Scientific Name: Satureja hortensis
Common Names: Summer Savory, Bean Herb, Annual Savory
Summer Savory is native to the Eastern Mediterranean as well as the Caucasus region between Europe and Asia. Pliny the Elder of Ancient Greece gave the name Satureja, which is the name of its genus today, to Summer Savory. Satureja is derived from the word Satyr, a half-man, half-beast creature from Greek and Roman mythology. It was thought that Satyrs inhabited fields of Savory and that this Savory was partly responsible for their passionate nature. Summer Savory has been called the herb of love in the past and has been used as an aphrodisiac.
The leaves of Summer Savory are highly aromatic and have a flavour similar to marjoram or thyme but stronger and more peppery. Summer Savory is sweeter, milder and less bitter than it's perennial cousin Winter Savory and is the preferred choice for culinary uses. Summer Savory leaves can be used sparingly to flavour salads or cooked dishes. Savory leaves are strong and full of flavour so don't be afraid to add them early in the cooking process, if added too late they may taste too strong and overpower the dish. Summer Savory is ideal in slow-cooked dishes as its flavour won't be lost during prolonged cooking. Savory pairs well with cooked beans which it where it gets the common name of bean herb from, but it is also well suited for flavouring poultry seasonings, grilled meat marinades, dolmades, stuffed vegetables, stews, meat pies and sauces. Savory is also one of the ingredients used to make the French herb mix known as herbes de Provence which is used extensively in French cooking. Savory leaves are best used fresh but can be dried for longer term storage without loosing too much of their flavour.
Sprigs of dried savory can be hung in your clothes cupboards to help repel clothes moth, sprigs that are flowering are said to have the best repellent effect. Summer Savory plants that are left to go to flower provide a nectar source and will attract bees and other beneficial insects to your garden.
Choose a full sun location for growing Summer Savory. Ensure your garden soil is loose and free draining before growing Summer Savory plants. Dig over your beds with a fork a few weeks before planting and be sure to incorporate lots of organic matter including well-rotted animal manures, composts and worm castings to improve soil structure and provide nutrition to your growing plants. Don't over-water or over-fertilise Summer Savory or your plants will produce weak, leggy growth. If you start with a rich soil and water plants once every few days after establishment your Summer Savory plants will produce well with little additional care. Pick stems and leaves regularly to encourage your Summer Savory plants to produce additional shoots. Once flowers start to form the leaves of Summer Savory no longer taste their best so be sure to plant a few savory seeds every month to ensure a continuous supply of their tasty leaves.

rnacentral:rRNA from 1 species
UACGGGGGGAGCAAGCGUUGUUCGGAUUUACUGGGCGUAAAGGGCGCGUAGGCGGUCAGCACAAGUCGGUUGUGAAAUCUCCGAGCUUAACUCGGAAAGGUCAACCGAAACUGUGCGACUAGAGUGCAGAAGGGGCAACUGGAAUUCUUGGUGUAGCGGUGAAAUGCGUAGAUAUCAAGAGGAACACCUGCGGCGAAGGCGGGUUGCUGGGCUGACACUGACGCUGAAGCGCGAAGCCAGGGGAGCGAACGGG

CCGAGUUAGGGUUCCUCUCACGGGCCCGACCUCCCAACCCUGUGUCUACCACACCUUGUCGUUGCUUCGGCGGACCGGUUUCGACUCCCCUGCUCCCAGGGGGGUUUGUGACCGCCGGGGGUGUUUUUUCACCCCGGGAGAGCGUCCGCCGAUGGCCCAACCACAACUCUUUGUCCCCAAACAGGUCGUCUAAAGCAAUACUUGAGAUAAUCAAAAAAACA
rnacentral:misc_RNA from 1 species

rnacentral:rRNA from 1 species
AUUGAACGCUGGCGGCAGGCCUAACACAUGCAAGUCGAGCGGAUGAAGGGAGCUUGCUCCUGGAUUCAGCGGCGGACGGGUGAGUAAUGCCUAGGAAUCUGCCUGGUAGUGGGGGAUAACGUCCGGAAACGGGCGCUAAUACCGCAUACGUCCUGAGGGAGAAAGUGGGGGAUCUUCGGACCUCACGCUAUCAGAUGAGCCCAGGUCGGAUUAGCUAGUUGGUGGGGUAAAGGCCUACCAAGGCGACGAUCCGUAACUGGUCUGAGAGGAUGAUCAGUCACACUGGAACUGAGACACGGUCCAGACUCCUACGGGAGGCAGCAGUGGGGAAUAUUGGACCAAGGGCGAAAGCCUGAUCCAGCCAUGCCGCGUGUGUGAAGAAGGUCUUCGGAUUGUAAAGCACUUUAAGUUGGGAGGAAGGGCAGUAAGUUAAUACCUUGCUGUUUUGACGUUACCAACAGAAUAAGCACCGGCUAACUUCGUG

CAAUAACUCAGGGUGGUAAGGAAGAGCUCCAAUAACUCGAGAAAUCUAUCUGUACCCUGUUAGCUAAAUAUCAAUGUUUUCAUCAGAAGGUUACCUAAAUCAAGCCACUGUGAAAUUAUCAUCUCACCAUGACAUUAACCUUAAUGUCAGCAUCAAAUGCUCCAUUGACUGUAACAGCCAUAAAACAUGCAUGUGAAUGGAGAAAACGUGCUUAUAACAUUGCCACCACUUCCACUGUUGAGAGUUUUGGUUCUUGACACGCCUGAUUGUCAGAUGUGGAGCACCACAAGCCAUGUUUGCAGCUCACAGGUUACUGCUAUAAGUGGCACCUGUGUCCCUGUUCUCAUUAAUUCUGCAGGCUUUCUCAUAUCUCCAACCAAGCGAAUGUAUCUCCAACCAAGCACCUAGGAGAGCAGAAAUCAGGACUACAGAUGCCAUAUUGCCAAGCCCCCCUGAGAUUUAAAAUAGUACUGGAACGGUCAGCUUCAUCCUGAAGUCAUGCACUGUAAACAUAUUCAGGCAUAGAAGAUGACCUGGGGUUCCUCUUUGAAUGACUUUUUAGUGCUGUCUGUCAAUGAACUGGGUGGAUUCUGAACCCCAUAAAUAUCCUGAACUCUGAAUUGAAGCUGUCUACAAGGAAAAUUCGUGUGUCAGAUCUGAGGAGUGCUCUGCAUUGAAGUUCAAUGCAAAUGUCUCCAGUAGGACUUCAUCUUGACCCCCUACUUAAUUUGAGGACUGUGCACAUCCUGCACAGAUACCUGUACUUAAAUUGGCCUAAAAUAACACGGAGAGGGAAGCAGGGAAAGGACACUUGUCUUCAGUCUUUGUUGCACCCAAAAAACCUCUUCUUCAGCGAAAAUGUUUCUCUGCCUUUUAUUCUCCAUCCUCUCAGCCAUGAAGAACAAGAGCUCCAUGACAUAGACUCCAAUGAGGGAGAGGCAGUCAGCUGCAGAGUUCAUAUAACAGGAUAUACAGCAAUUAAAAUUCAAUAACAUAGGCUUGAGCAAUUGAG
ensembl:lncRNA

When To Sow
In temperate regions of Australia sow Summer Savory seeds during Spring from September to November. In subtropical regions of Australia sow Summer Savory seeds from August to October. In tropical regions of Australia sow Summer Savory during the dry season from April to July. In cooler regions of Australia sow Summer Savory seeds from October to December.
How To Sow
Summer Savory seeds are tiny so sow them no more than 3mm deep and firm down the soil around the seeds to prevent too much moisture loss from evaporation. Space or thin Summer Savory plants to about 20cm apart to give the adult plants plenty of room to expand.
Time To Germination
Summer Savory seeds can be slow to germinate, with seedlings taking between 14 and 21 days to emerge after sowing.
Time To Harvest
Summer Savory takes 8 to 12 weeks to start producing good quantities of leaves. Summer Savory is frost tender so if you live in a frost prone area harvest it and dry the stems before Winter frosts set in.